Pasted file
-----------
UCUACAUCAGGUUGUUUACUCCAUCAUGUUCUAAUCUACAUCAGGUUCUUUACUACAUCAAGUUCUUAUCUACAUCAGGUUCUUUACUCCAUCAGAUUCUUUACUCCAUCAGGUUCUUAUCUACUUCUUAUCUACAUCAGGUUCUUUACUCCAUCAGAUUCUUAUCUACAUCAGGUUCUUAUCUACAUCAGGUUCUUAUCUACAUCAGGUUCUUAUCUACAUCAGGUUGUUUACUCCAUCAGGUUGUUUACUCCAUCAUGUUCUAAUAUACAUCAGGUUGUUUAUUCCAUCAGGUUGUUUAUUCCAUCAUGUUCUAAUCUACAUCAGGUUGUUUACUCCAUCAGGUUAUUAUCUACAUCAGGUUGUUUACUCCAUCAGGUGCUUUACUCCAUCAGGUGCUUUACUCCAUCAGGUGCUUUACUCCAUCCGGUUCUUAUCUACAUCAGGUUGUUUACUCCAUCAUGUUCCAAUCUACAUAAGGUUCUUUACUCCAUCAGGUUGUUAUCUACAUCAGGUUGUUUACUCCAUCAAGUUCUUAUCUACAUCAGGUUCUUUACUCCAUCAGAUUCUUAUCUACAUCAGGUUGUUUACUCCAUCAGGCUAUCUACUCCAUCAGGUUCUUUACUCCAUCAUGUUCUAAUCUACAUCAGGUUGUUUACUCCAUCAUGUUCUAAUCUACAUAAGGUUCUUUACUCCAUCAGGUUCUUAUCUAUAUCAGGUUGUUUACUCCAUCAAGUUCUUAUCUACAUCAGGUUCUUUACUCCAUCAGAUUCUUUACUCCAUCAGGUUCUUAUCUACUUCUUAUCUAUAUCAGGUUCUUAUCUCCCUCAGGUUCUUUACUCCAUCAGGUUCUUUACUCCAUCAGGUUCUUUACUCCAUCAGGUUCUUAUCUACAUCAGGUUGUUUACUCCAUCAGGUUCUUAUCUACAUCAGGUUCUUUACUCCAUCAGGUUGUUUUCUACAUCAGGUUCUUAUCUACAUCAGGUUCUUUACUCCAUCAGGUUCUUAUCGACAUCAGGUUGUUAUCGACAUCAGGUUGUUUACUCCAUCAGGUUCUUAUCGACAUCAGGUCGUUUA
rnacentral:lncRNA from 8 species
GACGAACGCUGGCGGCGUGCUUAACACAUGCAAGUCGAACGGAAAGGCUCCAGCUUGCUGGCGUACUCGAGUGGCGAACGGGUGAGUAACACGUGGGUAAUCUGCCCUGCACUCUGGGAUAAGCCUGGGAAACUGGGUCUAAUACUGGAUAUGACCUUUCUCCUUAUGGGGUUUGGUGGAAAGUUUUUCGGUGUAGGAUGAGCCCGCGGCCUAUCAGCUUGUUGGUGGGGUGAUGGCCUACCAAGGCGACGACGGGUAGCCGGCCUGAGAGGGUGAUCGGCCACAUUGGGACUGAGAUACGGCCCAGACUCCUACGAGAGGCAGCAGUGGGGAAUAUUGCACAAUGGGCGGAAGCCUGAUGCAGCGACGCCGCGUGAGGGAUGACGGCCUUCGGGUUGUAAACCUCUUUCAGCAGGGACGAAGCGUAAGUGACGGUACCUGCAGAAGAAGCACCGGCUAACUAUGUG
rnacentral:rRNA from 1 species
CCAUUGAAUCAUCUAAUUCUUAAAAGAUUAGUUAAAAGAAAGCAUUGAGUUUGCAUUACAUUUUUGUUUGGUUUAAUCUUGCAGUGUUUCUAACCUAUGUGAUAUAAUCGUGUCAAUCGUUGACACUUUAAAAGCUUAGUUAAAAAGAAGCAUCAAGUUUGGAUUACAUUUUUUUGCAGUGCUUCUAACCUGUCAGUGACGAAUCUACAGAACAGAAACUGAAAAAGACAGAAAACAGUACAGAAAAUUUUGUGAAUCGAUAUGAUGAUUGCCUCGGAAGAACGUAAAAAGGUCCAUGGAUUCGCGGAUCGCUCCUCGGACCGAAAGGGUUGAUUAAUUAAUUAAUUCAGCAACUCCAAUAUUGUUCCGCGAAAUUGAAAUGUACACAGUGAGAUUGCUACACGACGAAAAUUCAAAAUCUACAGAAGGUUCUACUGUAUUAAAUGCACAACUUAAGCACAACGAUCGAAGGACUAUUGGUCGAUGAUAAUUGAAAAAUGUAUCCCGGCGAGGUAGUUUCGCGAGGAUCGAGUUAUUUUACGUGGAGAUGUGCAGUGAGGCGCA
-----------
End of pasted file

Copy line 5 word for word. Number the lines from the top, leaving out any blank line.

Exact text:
CCAUUGAAUCAUCUAAUUCUUAAAAGAUUAGUUAAAAGAAAGCAUUGAGUUUGCAUUACAUUUUUGUUUGGUUUAAUCUUGCAGUGUUUCUAACCUAUGUGAUAUAAUCGUGUCAAUCGUUGACACUUUAAAAGCUUAGUUAAAAAGAAGCAUCAAGUUUGGAUUACAUUUUUUUGCAGUGCUUCUAACCUGUCAGUGACGAAUCUACAGAACAGAAACUGAAAAAGACAGAAAACAGUACAGAAAAUUUUGUGAAUCGAUAUGAUGAUUGCCUCGGAAGAACGUAAAAAGGUCCAUGGAUUCGCGGAUCGCUCCUCGGACCGAAAGGGUUGAUUAAUUAAUUAAUUCAGCAACUCCAAUAUUGUUCCGCGAAAUUGAAAUGUACACAGUGAGAUUGCUACACGACGAAAAUUCAAAAUCUACAGAAGGUUCUACUGUAUUAAAUGCACAACUUAAGCACAACGAUCGAAGGACUAUUGGUCGAUGAUAAUUGAAAAAUGUAUCCCGGCGAGGUAGUUUCGCGAGGAUCGAGUUAUUUUACGUGGAGAUGUGCAGUGAGGCGCA